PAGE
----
BUT you can go on to live the life that YOU want and enjoy–no deities required–like so many of us who have learned to love and trust ourselves and the REAL, live, human beings who share our lives, accept our full humanity, and love us in human ways, like making a home, caring for one another in practical ways, and participating in civil discourse and democratic practices. Like the Bible says, “We’ll know them by their FRUITS.”

The fruits I want to see falling from the Christian tree are an embrace of humanity as a whole, participation in democratic practices without demands for Christian privilege (like tax exemption), and a full and forceful rejection of all white supremacist, anti-semitic, anti-Black, anti-LGBTQ, anti-free press, anti-woman, anti-voter, anti-democracy, and anti-human ideas. I know that there are some Christian churches that have embraced ideas such as anti-racism, anti-poverty, human rights for all, and voting rights, but for the most part, they have ceded the public square to toxic Christianity. That needs to change.

Americans saw the Proud Boys stop and kneel to pray in Jesus’ name on national TV. We saw the mostly Christian crowd at the Capitol creating a “super spreader” event for coronavirus, and now, after the mostly-Christian GOP members of Congress refused to wear masks while hiding in close quarters during the attack on the Capitol, Congresspeople are starting to test positive for the virus, as will people all over the country, even while many health care systems are already overwhelmed. Along with the problem of anti-democratic urges of Christians, lives are endangered, harmed, and ended by their refusal to wear masks in public and practice other disease-prevention protocols during a global pandemic.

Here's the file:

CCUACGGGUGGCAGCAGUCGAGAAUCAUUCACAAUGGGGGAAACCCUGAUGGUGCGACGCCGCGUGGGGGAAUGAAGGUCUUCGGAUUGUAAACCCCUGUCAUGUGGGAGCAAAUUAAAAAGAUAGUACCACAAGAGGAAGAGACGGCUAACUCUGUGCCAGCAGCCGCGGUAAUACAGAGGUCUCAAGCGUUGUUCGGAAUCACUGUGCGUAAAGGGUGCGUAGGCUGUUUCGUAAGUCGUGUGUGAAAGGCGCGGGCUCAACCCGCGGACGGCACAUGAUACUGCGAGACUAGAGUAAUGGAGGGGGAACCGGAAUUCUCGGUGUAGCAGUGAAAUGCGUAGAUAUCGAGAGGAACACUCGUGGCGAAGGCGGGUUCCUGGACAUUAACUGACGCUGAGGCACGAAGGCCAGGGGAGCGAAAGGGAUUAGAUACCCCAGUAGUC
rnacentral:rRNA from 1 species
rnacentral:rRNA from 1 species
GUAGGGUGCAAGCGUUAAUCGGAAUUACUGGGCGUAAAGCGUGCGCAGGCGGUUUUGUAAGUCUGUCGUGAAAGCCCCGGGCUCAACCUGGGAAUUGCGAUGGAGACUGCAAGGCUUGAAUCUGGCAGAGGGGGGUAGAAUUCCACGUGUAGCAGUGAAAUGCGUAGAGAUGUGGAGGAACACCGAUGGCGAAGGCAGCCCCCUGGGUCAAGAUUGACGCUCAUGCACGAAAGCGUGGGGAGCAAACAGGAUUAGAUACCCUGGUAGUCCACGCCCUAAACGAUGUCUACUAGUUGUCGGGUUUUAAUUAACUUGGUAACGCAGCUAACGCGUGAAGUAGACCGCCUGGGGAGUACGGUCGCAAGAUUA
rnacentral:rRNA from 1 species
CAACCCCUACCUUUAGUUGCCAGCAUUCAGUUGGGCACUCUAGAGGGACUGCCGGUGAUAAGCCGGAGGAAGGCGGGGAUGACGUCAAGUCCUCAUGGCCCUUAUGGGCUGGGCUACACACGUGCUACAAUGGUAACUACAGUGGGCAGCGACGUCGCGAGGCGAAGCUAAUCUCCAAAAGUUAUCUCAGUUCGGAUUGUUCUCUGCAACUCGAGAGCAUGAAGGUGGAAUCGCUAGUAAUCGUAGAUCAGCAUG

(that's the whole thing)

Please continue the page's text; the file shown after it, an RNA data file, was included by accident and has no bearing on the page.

Whether or not we’re Christians, as children of Mother Earth, we have a human duty to stop the spread of coronavirus by wearing masks, practicing social distancing, and getting vaccinated.

As Americans, we have a civic duty to participate in and protect democracy.

We accomplish these goals by promoting science literacy about Public Health and by using democratic practices to govern ourselves, no deities required. I call upon my fellow Americans, Believers and Unbelievers alike, to reject all toxic, anti-science and anti-democratic ideas and practices, no matter where they originate.

It is a democratic ideal to allow each individual to decide whether to practice religion–or not. I stand for everyone’s Constitutional (not god-given) right to practice religion and my right to reject all supernatural claims, because I value democracy over dogma. It’s the “heartbeat of America,” or so I’ve been told!


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lisa eddy is a writer and editor for-hire, researcher, educator-for-hire, youth advocate,  musician, and gardener.

On Twitter: @lisa_eddy


On email: lisagay.eddy1@gmail.com